A pure-white heron had been a popular theme in Japanese painting since ancient times, no doubt because of its beauty and dignity. It was often depicted in conjunction with a snow-laden willow tree. The two combine, as here, to create a hushed and tranquil atmosphere.
Kaisen (1785-1862) had been a pupil of Go Shun (1752-1811), the artist who began the successful style of the Shijō school of Kyoto. Kaisen left to study under Rai San'yō (1780-1832), however, and moved with him to Kyūshū where for five years he studied Chinese painting of the Yuan dynasty (1279-1368) and Ming dynasty (1368-1644). He was later to become a leading artist of the Chinese-derived Nanga (Southern school) style.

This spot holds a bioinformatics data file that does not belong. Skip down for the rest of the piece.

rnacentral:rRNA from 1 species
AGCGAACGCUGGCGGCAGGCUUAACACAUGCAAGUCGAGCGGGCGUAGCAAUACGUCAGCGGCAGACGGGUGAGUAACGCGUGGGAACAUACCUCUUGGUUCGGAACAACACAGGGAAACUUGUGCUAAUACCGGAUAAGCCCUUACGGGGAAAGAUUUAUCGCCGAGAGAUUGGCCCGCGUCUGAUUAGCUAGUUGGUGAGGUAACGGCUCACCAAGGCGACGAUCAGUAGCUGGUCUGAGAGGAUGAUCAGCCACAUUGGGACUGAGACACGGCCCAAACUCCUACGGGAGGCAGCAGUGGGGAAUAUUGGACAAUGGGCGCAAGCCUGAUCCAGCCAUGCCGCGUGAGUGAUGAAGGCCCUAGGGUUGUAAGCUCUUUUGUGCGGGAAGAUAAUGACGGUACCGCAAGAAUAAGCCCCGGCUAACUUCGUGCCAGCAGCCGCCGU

Kaisen here employs various techniques: sotoguma (outside shading) on the branches; sprayed white paint, and tsuketate (a method using no outlines and employing a soft, tapered brush). There is a rich decorative feel to the painting, which reveals the influence of Go Shun's training.
The signature reads 'Kaisen', and the seal 'Hyakkoku', one of his art names, which may have derived in part from one of Go Shun's names, Hyakushōdō.